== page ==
Mutul funds, banks top negative-return list

Written by Markets Bureau | Mumbai, Jun 17 | Updated: Jun 18 2008, 05:59am hrs
The market meltdown, following the US sub-prime mortgage crisis in late 2007, eroded investors' wealth across sectors. This has led to negative returns in all the sectoral funds of the mutual fund sector in the past six months' period till June 16.

The banking sector fund led the pack of sectoral funds, followed by automobiles, technology and pharmaceuticals funds in providing negative return to the investors. According to ValueResearch, a research agency on mutual funds, the banking funds have given a negative return of 32.43% over a six-month period. Compared to this, the Bombay Stock Exchange's (BSE) Bankex dipped by 36%, or 4,079.84 points, at 7,255.63 points between December 14, 2007 and June 16, 2008.

Strained liquidity conditions due to the sub-prime mortgage crisis, clubbed with soaring global energy and food prices, were responsible for inflationary pressure across the globe including India. This has compelled the domestic regulator to tighten the monetary policy to contain inflation.

Mangesh Kulkarni, banking analyst at, Almondz Global Securities, said that the investors' sentiment was hit most towards the banking stocks due to the rise in the interest rates. This has led to the fear in the market that the non-performing assets (NPAs) of the banks may go up.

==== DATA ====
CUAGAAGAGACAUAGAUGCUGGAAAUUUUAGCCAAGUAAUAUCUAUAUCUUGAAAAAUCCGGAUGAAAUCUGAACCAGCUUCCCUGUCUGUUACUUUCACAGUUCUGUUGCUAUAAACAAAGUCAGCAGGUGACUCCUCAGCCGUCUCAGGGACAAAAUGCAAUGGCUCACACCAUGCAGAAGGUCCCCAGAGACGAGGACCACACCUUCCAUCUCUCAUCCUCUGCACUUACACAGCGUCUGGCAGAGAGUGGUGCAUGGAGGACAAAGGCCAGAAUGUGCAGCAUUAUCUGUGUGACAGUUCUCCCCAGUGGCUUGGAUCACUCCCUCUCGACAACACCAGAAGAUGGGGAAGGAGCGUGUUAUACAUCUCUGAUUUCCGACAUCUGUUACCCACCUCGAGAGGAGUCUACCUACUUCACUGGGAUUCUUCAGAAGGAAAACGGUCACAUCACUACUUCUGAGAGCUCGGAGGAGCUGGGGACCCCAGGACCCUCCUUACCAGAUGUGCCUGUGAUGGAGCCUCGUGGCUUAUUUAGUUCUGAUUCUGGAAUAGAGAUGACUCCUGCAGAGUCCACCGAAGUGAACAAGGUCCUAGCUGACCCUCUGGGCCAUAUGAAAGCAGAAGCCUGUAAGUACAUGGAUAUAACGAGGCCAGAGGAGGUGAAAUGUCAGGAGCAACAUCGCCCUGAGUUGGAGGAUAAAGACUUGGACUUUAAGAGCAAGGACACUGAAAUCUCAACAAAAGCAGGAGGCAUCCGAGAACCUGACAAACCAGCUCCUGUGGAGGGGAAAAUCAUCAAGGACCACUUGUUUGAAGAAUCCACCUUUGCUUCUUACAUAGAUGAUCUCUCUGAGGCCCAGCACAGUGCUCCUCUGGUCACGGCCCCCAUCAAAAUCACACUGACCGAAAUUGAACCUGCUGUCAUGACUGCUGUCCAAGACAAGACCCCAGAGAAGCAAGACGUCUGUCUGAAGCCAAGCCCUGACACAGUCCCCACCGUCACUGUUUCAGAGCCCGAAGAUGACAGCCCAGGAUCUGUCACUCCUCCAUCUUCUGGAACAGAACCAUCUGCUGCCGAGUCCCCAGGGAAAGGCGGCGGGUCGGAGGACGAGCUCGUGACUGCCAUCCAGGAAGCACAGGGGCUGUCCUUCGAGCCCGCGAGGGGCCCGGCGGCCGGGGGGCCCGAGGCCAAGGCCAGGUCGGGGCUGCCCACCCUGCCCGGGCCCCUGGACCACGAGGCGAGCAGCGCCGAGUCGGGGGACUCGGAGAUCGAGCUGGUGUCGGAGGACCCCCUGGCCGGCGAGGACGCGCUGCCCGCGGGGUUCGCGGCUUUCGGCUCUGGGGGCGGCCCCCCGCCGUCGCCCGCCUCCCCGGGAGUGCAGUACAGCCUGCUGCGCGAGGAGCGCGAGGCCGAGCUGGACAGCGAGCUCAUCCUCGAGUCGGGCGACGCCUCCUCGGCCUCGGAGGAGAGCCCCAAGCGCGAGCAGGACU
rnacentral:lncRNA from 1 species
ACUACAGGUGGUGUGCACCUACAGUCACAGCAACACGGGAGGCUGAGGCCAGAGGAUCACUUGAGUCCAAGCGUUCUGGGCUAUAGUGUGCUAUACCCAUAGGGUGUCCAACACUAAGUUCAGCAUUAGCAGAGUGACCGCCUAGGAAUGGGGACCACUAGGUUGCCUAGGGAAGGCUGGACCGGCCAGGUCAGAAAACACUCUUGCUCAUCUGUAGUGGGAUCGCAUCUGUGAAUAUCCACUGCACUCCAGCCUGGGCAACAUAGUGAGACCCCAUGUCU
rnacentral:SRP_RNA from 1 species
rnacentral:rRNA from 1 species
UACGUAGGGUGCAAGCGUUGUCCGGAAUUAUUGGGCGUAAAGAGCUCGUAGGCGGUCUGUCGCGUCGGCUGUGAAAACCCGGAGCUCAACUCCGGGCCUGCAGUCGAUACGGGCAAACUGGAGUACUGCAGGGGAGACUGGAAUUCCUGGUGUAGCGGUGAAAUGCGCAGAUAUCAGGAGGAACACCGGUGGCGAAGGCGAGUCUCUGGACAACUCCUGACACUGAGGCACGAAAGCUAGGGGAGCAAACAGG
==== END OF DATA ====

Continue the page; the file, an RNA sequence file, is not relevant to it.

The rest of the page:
Another reason for the meltdown in the banking stocks was the decision of the RBI to increase the repo rate and cash reserve ratio (CRR). The financial market is expecting another rate hike to arrest inflation which is presently at 8.75%. The investors have sold their stakes in the banking stocks as they apprehend that the hardening interest rate regime may impact the profit margin of the banking sector.

A senior manager at a domestic fund house said that a sharp dip in the banking stocks was responsible for the banking funds giving negative return. The sectoral funds have by and large performed in line with the sectoral indices at the bourses. The auto funds were the second major poor performer. They have given a negative return of 31.19% as against a decline of 28%, or 1,619 points, in BSE Auto index during the same period. The rise in oil prices was responsible for the poor performance of automobile funds and the stocks. Among other funds, technology, FMCG and pharmaceutical funds have given a negative return of 15.52%, 9.23% and 2.87%, respectively.